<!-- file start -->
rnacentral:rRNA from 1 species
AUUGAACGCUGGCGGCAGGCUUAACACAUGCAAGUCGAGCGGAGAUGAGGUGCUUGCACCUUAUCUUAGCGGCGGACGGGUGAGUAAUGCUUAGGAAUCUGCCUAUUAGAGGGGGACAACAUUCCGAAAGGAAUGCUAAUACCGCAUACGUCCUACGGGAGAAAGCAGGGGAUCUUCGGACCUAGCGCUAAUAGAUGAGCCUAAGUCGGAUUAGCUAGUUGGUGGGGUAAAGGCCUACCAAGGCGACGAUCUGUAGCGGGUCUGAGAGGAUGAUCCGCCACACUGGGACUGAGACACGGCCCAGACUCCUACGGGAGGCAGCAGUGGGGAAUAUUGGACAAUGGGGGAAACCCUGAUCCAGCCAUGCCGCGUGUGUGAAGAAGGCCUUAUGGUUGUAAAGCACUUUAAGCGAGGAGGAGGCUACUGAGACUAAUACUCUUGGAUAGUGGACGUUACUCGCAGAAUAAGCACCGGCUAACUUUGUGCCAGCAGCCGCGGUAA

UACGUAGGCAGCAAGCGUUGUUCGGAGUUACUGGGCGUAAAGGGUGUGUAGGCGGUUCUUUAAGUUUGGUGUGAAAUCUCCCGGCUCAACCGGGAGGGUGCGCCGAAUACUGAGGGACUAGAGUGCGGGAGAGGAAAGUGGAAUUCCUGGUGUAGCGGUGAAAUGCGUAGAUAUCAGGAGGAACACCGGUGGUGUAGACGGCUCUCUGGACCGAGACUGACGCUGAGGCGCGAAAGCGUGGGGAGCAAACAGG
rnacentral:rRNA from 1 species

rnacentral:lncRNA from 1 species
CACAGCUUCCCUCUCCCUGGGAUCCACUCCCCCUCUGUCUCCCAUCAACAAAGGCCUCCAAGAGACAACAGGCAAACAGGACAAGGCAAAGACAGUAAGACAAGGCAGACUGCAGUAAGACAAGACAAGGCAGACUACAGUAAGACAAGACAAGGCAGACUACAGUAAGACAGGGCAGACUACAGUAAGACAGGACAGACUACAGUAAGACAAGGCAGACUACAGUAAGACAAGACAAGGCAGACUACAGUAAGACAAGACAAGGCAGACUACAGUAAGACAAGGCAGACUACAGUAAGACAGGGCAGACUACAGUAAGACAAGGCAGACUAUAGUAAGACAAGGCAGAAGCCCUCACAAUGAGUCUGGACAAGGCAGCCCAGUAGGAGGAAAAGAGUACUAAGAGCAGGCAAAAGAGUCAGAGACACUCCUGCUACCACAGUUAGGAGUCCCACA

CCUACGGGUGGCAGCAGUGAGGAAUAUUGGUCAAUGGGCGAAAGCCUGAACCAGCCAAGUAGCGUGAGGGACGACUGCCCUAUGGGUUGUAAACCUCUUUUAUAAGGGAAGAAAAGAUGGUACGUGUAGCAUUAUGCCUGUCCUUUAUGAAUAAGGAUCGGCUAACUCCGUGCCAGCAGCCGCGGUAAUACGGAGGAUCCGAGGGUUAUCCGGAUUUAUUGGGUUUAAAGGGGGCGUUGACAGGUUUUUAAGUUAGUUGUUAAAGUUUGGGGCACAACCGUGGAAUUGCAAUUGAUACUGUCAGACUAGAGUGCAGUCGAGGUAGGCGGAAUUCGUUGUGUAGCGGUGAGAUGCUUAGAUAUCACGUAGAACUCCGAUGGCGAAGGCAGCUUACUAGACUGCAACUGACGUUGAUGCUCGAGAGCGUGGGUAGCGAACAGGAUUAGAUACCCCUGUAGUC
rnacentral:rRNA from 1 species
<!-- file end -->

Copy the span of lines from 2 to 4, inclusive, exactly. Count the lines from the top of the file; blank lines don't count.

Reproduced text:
AUUGAACGCUGGCGGCAGGCUUAACACAUGCAAGUCGAGCGGAGAUGAGGUGCUUGCACCUUAUCUUAGCGGCGGACGGGUGAGUAAUGCUUAGGAAUCUGCCUAUUAGAGGGGGACAACAUUCCGAAAGGAAUGCUAAUACCGCAUACGUCCUACGGGAGAAAGCAGGGGAUCUUCGGACCUAGCGCUAAUAGAUGAGCCUAAGUCGGAUUAGCUAGUUGGUGGGGUAAAGGCCUACCAAGGCGACGAUCUGUAGCGGGUCUGAGAGGAUGAUCCGCCACACUGGGACUGAGACACGGCCCAGACUCCUACGGGAGGCAGCAGUGGGGAAUAUUGGACAAUGGGGGAAACCCUGAUCCAGCCAUGCCGCGUGUGUGAAGAAGGCCUUAUGGUUGUAAAGCACUUUAAGCGAGGAGGAGGCUACUGAGACUAAUACUCUUGGAUAGUGGACGUUACUCGCAGAAUAAGCACCGGCUAACUUUGUGCCAGCAGCCGCGGUAA

UACGUAGGCAGCAAGCGUUGUUCGGAGUUACUGGGCGUAAAGGGUGUGUAGGCGGUUCUUUAAGUUUGGUGUGAAAUCUCCCGGCUCAACCGGGAGGGUGCGCCGAAUACUGAGGGACUAGAGUGCGGGAGAGGAAAGUGGAAUUCCUGGUGUAGCGGUGAAAUGCGUAGAUAUCAGGAGGAACACCGGUGGUGUAGACGGCUCUCUGGACCGAGACUGACGCUGAGGCGCGAAAGCGUGGGGAGCAAACAGG
rnacentral:rRNA from 1 species